Authors from Syria, Palestine and elsewhere in the Arab world found refuge in Lebanon's free and liberal publishing industry.[10] Lebanon's press became a huge industry despite the country's small size and has remained a haven for Arabic publishing.[9] The establishment of modern printing presses and sophisticated book distribution channels made Beirut a regional publishing leader, and gave the Lebanese publishers a dominant role in Arab publishing.[13] Lebanon hosts annually two important regional publishing events, the Beirut Book Fair and the Beirut Francophone Book Fair.[14]

Television[edit]

Television in Lebanon was introduced in 1959, with the launch of two privately owned stations, CLT and Télé Orient that merged in 1977 into Télé Liban.[15] Lebanon has ten national television channels, with most being affiliated or supported by certain political parties or alliances. One of the latest addition is Al Mayadeen, which is close to Hezbollah, and it was launched on 11 June 2012 in Lebanon.[16]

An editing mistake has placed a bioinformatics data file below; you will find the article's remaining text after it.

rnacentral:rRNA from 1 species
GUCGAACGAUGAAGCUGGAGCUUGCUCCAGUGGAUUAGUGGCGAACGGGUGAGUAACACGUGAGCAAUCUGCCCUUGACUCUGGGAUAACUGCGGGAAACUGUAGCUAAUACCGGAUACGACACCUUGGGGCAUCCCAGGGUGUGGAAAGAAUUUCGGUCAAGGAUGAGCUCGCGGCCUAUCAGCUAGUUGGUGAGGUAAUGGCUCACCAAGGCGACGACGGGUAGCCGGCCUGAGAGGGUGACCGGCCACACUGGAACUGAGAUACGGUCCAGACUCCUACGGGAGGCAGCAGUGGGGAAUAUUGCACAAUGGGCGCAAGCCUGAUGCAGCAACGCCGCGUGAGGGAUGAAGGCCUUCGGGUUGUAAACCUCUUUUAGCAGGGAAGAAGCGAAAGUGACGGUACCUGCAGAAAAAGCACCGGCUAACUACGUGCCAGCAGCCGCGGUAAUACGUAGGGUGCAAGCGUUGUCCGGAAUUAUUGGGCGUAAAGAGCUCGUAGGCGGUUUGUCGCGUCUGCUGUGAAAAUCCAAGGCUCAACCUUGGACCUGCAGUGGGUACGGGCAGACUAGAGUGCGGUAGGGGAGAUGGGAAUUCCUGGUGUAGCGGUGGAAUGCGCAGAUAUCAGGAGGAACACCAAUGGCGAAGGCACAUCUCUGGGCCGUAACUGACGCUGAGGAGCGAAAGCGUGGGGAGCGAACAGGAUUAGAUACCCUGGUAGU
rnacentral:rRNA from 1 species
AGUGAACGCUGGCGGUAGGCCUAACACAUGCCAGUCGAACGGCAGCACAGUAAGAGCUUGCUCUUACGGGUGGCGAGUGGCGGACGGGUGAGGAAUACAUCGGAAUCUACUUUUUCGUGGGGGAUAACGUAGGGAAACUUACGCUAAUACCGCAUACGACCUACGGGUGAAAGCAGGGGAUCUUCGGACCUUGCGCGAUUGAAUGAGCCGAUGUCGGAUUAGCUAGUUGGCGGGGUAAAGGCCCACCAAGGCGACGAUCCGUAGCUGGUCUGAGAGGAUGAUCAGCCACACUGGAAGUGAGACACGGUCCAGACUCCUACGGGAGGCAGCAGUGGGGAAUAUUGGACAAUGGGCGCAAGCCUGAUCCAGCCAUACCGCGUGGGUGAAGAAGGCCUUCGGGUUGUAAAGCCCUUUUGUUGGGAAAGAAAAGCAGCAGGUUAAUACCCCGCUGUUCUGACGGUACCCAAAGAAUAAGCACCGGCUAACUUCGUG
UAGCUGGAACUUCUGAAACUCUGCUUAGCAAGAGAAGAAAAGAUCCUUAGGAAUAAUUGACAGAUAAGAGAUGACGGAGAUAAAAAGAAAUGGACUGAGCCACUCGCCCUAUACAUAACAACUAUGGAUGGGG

Radio[edit]

There are many private radio stations in the country.[2] Two of the leading stations are BBC Arabic and Radio France Internationale.[2] In addition, local stations People’s Voice and Lebanon Voice are also popular radio outlets.[17]

Internet[edit]

Lebanon was one of the first countries in the Arabic-speaking world to introduce internet and Beirut's newspapers were the first in the region to provide readers with web versions of their newspapers. By 1996, three newspapers from Lebanon were online, Al Anwar, An Nahar, and Assafir, and by 2000, more than 200 websites provided news out of Lebanon.[3]